Location: Fredricksburg, VA
Players: 2-8 (We recommend 3-4)
Price: Prices vary, see website for more details
Time to Escape: 60 minutes
A celebration to die for!
From the Rush Hour Live Escape Games website:
There’s been a murder and you and your group of jazz musicians are being framed for the crime! The Authorities are on their way back to the jazz club to arrest you all for the murder. Your only hope is to solve the mystery and collect the evidence to prove your innocence.
I’ve never come across a Mardi Gras theme, and Murder at Mardi Gras seemed like a creative idea! The room was certainly decked out in the green, purples, and golds of the holiday, and was overall very festive, in spite of the gruesome murder that had been committed!
The set design was well done in this room, and absolutely stayed on theme during the main portion of the game. It’s always nice to have a colorful, fun set when most escape rooms tend towards the darker, dreary realms of serial killers and jail cells. Props all played into the whimsical theme, and some of them were loads of fun to play with. The storyline for the room was a good time, with an exciting climax and enjoyable twists and turns, though the acting left a bit to be desired. However, this didn’t detract too much from the overall experience, and the main draw for us is the puzzles.
The game flow itself was straightforward and mostly intuitive, with a nonlinear approach that allowed for our team to divide and conquer for the most part. One of the initial puzzles was a favorite of mine, due to how it was put together, as well as the great moment of revelation it provided, as the clues were all hidden in plain sight, it just took some detective work to make all the pieces fit together nicely. One particular escape room staple is present within Murder at Mardi Gras, but it is handled in the best way possible, and we found no fault with it’s inclusion as the interaction was presented perfectly for what it is.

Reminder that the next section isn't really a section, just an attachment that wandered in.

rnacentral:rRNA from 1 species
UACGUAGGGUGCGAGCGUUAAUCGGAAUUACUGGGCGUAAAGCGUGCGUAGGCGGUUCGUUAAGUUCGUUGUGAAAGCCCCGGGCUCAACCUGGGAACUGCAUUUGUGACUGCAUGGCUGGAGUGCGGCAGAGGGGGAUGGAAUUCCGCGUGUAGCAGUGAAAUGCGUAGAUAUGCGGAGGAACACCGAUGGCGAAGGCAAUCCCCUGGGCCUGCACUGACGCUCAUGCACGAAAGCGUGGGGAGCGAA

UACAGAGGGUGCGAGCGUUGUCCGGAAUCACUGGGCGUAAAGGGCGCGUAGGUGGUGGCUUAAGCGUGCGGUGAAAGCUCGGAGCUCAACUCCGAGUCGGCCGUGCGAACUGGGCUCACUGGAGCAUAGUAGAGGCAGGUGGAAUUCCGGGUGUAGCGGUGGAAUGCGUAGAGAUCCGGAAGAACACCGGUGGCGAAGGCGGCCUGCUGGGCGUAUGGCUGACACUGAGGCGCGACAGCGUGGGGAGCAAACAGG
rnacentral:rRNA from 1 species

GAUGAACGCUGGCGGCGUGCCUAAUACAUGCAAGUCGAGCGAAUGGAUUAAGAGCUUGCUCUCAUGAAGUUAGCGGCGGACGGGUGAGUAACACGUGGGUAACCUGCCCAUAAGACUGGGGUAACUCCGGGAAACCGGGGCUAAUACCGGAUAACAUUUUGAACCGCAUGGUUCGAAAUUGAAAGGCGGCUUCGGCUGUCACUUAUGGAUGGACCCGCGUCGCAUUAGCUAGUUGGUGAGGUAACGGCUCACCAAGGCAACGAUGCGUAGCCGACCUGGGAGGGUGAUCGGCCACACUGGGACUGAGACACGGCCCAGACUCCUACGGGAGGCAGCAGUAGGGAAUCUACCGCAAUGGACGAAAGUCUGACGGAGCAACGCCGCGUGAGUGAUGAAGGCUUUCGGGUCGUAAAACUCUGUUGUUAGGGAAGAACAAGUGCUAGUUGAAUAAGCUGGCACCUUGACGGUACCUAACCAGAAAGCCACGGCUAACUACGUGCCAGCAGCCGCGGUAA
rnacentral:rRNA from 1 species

Some of the game’s puzzles dropped off theme, wandering into “because escape room” territory, and while they weren’t terrible, they weren’t terribly interesting either. Some puzzles were undirected, with one that didn’t even seem like an interaction until the game master quickly let us know that it was, and another leaving us to determine the solution without giving us the means to derive the full answer without throwing out a guess. There was one particular repeat of a similar puzzle type we saw a few times at Rush Hour Live, one which popped up several times during our visit, and while it wasn’t a bad puzzle, it began to become old hat once we saw it repeated a few times. There have been a few updates to the room since it’s inception, and there is some leftover artifacting, some of which would have been more fun had it been left in, in our opinion. Overall, Murder at Mardi Gras is a serviceable game, but nothing about the experience really stuck with us after the fact. Not a bad game, but mostly average, it definitely falls just above the middle of the pack.
Murder at Mardi Gras is, on the whole, a good time, but isn’t quite as exciting as other rooms we played at Rush Hour Live. The mystery is well presented, and the puzzles are serviceable, but overall, it feels just a little dated. Newer players will have fun here, and there is a pretty good time for enthusiasts as well, but it just doesn’t quite rise above average for the most part. You can book your investigation into the Mardi Gras Murder here!
Full Disclosure: Rush Hour Live Escape Games provided media discounted tickets for this room.